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Hurricane Dorian Discussion Number 56
NWS National Hurricane Center Miami FL AL052019
500 AM AST Sat Sep 07 2019
Dorian is gradually becoming less organized. The cyclone is feeling
some effects of southwesterly wind shear with most of its deep
convection located to the north and east of the estimated center.
The initial intensity is lowered a little to 75 kt, which is in good
agreement with the latest Dvorak CI-numbers from TAFB and SAB. A
pair of ASCAT passes from several hours ago indicate that the wind
field has expanded significantly, and tropical-storm-force winds
have been observed over far southeastern Massachusetts.
Dorian is racing northeastward, with the latest initial motion
estimated to be 050/22 kt. The hurricane is well embedded in the
fast mid-latitude flow, and it should continue to move quickly
northeastward toward Nova Scotia later today. After the cyclone
passes Nova Scotia, it is forecast to move through Newfoundland and
Labrador before turning east-northeastward over the far north
Atlantic. The NHC track forecast is largely an update of the
previous one and not far from the various consensus aids.
Dorian is expected to gradually weaken due to even stronger
southwesterly wind shear and much colder SSTs to the north of
the Gulf Stream current. The combined influences of these cold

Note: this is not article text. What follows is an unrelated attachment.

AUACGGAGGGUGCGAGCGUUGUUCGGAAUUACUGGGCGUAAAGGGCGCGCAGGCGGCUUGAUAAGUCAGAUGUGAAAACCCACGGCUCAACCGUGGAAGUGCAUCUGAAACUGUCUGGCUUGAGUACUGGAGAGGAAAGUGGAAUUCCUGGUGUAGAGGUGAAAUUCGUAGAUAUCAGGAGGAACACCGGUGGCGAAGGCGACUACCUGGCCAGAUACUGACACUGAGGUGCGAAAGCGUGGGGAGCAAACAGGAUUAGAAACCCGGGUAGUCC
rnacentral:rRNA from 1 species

waters and an approaching mid- to upper-level trough should cause
Dorian to lose its tropical characteristics in about 24 hours.
However, the post-tropical cyclone will likely still be producing
hurricane-force winds as it moves through portions of eastern
Canada. The global models are in good agreement that the
post-tropical cyclone should slowly weaken and ultimately become
absorbed by another extratropical low in 3 to 4 days. The NHC
intensity forecast is in best agreement with the GFS and ECMWF
models, which typically handle large extratropical lows better that
than the intensity models that are made for tropical cyclones.
1. Regardless of whether it is a hurricane or a post-tropical
cyclone, Dorian is expected to have a significant impact in portions
of eastern Canada beginning later today. Dangerous storm surge
impacts are likely in portions of the Gulf of St. Lawrence,
southwestern Newfoundland and eastern Nova Scotia. Hurricane-force
winds are also likely in Nova Scotia, Prince Edward Island and
Newfoundland later today and tonight. Refer to information from the
Canadian Hurricane Centre for more information on these hazards.
FORECAST POSITIONS AND MAX WINDS
INIT 07/0900Z 39.7N 68.1W 75 KT 85 MPH
12H 07/1800Z 42.8N 64.9W 70 KT 80 MPH
24H 08/0600Z 46.9N 61.6W 65 KT 75 MPH...POST-TROP/EXTRATROP
36H 08/1800Z 50.0N 58.0W 55 KT 65 MPH...POST-TROP/EXTRATROP
48H 09/0600Z 52.5N 52.0W 45 KT 50 MPH...POST-TROP/EXTRATROP
72H 10/0600Z 57.5N 36.0W 40 KT 45 MPH...POST-TROP/EXTRATROP